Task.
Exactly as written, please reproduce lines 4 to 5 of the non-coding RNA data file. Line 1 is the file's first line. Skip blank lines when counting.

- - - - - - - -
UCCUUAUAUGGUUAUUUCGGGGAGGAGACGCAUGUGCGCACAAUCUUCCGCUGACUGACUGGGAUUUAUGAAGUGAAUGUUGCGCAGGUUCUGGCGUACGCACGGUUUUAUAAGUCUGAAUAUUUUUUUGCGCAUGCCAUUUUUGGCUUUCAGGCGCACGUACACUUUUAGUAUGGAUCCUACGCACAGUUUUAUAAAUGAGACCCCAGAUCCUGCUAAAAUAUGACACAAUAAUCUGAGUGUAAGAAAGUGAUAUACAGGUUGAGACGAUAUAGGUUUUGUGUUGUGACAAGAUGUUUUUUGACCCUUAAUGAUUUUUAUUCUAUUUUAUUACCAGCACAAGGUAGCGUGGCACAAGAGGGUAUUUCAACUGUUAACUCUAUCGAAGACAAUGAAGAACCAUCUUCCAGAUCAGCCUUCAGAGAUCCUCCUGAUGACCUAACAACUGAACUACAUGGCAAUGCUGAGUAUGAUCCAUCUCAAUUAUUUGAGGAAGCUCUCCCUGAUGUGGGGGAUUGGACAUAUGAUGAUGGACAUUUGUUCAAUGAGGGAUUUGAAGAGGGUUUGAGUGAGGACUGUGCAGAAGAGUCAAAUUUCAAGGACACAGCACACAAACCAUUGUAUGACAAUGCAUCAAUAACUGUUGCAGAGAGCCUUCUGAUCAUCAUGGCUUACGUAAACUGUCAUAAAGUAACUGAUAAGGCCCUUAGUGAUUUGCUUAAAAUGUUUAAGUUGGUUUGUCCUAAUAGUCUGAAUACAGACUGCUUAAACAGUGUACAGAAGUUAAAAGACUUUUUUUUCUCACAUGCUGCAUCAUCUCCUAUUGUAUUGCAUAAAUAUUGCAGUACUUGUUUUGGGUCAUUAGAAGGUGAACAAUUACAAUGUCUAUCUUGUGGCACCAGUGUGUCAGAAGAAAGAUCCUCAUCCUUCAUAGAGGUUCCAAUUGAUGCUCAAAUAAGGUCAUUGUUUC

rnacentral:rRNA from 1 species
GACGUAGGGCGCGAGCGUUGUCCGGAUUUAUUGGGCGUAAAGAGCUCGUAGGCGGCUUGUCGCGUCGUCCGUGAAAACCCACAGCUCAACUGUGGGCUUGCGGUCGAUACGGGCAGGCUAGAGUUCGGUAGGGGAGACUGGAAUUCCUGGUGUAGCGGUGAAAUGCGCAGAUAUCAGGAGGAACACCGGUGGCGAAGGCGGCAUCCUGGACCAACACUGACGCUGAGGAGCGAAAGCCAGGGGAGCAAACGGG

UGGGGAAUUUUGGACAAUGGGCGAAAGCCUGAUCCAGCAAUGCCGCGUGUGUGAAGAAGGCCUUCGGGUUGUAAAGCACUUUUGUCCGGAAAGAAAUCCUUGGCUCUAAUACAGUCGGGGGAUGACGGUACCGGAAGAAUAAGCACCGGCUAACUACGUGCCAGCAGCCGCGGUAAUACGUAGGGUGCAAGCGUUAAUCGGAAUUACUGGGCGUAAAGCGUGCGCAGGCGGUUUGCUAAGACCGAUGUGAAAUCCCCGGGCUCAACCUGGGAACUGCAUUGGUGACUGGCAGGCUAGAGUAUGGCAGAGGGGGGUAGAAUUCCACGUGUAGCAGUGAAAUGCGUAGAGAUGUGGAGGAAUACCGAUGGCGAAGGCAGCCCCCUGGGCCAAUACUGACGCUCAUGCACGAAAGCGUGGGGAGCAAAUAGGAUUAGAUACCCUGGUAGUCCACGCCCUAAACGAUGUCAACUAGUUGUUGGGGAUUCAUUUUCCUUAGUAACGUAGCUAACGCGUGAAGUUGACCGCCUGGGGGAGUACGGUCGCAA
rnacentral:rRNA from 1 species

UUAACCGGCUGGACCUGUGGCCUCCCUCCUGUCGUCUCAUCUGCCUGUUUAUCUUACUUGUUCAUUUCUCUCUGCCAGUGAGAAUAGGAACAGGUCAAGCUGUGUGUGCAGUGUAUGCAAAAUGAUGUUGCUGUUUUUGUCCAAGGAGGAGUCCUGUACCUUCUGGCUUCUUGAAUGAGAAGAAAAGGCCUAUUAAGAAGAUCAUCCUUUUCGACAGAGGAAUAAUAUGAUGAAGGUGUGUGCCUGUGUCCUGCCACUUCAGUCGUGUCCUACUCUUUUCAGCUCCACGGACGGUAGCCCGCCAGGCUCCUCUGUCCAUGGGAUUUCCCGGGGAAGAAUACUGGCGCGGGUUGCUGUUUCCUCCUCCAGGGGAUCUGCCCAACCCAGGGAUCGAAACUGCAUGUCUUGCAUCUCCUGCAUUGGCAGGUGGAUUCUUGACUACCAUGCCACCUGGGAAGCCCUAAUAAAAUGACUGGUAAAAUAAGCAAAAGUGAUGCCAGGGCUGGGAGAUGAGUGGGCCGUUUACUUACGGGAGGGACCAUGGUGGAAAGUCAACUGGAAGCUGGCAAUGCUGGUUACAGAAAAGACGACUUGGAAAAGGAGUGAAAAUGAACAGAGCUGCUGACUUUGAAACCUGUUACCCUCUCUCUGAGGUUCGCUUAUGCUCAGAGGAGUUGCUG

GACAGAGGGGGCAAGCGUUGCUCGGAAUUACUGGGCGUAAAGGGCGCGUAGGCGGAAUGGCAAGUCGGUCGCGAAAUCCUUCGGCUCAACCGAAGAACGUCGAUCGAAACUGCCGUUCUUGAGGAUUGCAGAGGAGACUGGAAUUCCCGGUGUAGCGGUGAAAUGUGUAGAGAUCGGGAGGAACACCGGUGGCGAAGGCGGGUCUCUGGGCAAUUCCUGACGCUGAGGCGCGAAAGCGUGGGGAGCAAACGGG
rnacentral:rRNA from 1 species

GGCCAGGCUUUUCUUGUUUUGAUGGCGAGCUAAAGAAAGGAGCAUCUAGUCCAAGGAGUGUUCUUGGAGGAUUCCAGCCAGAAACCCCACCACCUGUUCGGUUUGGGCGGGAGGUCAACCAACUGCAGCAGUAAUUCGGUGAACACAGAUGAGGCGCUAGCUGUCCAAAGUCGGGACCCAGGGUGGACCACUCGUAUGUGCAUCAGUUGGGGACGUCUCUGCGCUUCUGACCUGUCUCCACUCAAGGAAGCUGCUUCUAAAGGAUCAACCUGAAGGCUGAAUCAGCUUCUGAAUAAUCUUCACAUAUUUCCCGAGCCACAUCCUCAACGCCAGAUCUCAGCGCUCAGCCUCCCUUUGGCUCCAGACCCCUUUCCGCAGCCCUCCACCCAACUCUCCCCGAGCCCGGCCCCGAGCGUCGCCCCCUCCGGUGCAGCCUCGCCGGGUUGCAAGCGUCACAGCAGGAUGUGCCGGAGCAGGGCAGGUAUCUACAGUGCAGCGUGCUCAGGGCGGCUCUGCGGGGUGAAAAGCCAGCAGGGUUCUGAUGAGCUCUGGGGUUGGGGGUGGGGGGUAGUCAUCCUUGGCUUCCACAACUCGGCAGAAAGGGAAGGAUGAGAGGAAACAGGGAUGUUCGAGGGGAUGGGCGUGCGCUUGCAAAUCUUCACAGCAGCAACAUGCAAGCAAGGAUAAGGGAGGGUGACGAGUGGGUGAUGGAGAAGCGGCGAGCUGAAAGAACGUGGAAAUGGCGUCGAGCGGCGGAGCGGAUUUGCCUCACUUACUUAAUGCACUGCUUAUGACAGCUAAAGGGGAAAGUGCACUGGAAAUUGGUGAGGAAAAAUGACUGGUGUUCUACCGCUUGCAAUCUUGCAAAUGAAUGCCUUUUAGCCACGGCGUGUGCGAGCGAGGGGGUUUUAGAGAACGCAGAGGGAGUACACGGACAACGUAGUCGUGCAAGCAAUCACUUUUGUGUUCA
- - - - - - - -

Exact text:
UGGGGAAUUUUGGACAAUGGGCGAAAGCCUGAUCCAGCAAUGCCGCGUGUGUGAAGAAGGCCUUCGGGUUGUAAAGCACUUUUGUCCGGAAAGAAAUCCUUGGCUCUAAUACAGUCGGGGGAUGACGGUACCGGAAGAAUAAGCACCGGCUAACUACGUGCCAGCAGCCGCGGUAAUACGUAGGGUGCAAGCGUUAAUCGGAAUUACUGGGCGUAAAGCGUGCGCAGGCGGUUUGCUAAGACCGAUGUGAAAUCCCCGGGCUCAACCUGGGAACUGCAUUGGUGACUGGCAGGCUAGAGUAUGGCAGAGGGGGGUAGAAUUCCACGUGUAGCAGUGAAAUGCGUAGAGAUGUGGAGGAAUACCGAUGGCGAAGGCAGCCCCCUGGGCCAAUACUGACGCUCAUGCACGAAAGCGUGGGGAGCAAAUAGGAUUAGAUACCCUGGUAGUCCACGCCCUAAACGAUGUCAACUAGUUGUUGGGGAUUCAUUUUCCUUAGUAACGUAGCUAACGCGUGAAGUUGACCGCCUGGGGGAGUACGGUCGCAA
rnacentral:rRNA from 1 species